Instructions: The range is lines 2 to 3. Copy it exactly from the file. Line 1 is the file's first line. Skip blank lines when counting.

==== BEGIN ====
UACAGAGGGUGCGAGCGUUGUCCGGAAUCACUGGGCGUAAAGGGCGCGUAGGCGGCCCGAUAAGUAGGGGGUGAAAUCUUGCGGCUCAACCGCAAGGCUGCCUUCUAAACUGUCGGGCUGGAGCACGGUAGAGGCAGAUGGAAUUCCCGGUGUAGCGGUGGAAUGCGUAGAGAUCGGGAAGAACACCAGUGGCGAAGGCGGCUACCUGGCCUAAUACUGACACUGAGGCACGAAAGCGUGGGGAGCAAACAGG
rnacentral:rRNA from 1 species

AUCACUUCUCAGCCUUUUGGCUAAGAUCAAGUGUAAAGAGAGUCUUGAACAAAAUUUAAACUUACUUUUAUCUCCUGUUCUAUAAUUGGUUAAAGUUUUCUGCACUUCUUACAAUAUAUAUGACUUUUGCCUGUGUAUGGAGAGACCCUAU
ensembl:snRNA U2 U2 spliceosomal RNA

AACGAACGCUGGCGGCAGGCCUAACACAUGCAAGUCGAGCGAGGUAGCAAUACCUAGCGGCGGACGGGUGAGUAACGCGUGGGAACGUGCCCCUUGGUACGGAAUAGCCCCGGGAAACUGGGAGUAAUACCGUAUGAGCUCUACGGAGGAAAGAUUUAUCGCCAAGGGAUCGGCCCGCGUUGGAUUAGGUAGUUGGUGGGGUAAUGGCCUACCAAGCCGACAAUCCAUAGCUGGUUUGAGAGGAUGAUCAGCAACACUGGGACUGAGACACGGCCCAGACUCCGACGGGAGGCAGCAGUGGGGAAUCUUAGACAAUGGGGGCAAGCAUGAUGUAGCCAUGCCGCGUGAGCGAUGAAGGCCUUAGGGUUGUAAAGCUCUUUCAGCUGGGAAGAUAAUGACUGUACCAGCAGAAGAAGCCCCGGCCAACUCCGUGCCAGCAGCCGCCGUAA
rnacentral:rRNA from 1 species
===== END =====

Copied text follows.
rnacentral:rRNA from 1 species

AUCACUUCUCAGCCUUUUGGCUAAGAUCAAGUGUAAAGAGAGUCUUGAACAAAAUUUAAACUUACUUUUAUCUCCUGUUCUAUAAUUGGUUAAAGUUUUCUGCACUUCUUACAAUAUAUAUGACUUUUGCCUGUGUAUGGAGAGACCCUAU